The man who followed Marx's teachings with a proletarian revolution, Vladimir Ilyich Ulyanov Lenin, was born exactly 140 years and two days ago. Although he was a creator of the largest-ever state in Earth’s history, his was a comparatively short life that ended after 54 tumultuous years; loved by a large chunk of humanity and reviled by an even bigger one.
Perhaps you remember a wonderfully nostalgic, gentle, but wickedly funny German film that took us to the eastern half of Berlin, just before the collapse of communism. As the story unfolds, a young man’s mother has suffered a stroke and has lapsed into a coma. While in her coma, the Berlin Wall falls, East Germany’s communist regime falls, and the country itself disappears, suddenly united with West Germany. To cushion her from the shock of the new as she slowly recovers, the woman’s dutiful son creates a faux reality around her of old East German household products and handcrafted, but totally made-up television news. Eventually, of course, she learns the truth – and learns she must now adapt to the new realities of her new world.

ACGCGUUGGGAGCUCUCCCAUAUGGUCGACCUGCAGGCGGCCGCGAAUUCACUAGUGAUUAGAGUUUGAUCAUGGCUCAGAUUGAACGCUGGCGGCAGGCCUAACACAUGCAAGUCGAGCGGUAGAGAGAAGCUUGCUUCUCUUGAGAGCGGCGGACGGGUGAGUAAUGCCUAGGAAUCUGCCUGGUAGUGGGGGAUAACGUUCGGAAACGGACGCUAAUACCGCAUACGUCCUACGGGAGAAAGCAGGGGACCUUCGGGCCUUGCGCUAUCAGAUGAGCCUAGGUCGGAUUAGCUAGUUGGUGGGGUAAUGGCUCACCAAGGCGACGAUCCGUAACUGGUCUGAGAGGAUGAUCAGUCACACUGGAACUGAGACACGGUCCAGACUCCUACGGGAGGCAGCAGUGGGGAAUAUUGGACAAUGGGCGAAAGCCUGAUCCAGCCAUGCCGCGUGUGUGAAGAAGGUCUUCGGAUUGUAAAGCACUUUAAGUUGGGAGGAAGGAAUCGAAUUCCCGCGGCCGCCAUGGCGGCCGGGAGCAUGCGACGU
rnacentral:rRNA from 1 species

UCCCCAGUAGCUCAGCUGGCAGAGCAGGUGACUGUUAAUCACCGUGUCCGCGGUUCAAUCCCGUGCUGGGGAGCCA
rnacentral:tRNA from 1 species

We all had to do the same from events portrayed on a much larger canvas. The cities named in his honour are gone, all those heroic statues and epic paintings languish in warehouses or have been sold to collectors of communist political art around the world. The body of the great man still remains in its famous Kremlin mausoleum, but sometimes there are rumours that even that might change in future – some day.
Lenin, was born Vladimir Ilyich Ulyanov 140 years ago, on 22 April 1870, to a schoolmistress and a physics instructor in the town of Simbirsk, on the shores of the Volga River.
Photo: Young Stalin and Lenin
He grew up in a family that held noble ideas about the achievement of a free society and equal rights in Czarist Russia, and he and all his siblings ultimately became revolutionaries of one sort or another. Curiously, while we have come to see Lenin as the quintessential Russian revolutionary, in Czarist Russia, his family was officially defined as “ethnically mixed”, having Mordovian, Kalmyk, Jewish, Volgan German and Swedish roots, along with ethnic Russian ones.
As a university student, young Vlad studied law at Kazan University until he was expelled for his political ideas and activities, and so inevitably he came under increasingly intense police surveillance. After getting a law degree through private study where he got his first look at Karl Marx’s seminal work, “Das Kapital”, he later gained admission to St. Petersburg University for further study where, by contemporary accounts, he was an excellent student. Practicing law in Samara, he gained firsthand insights in the realities of Russian peasant life and its great vicissitudes.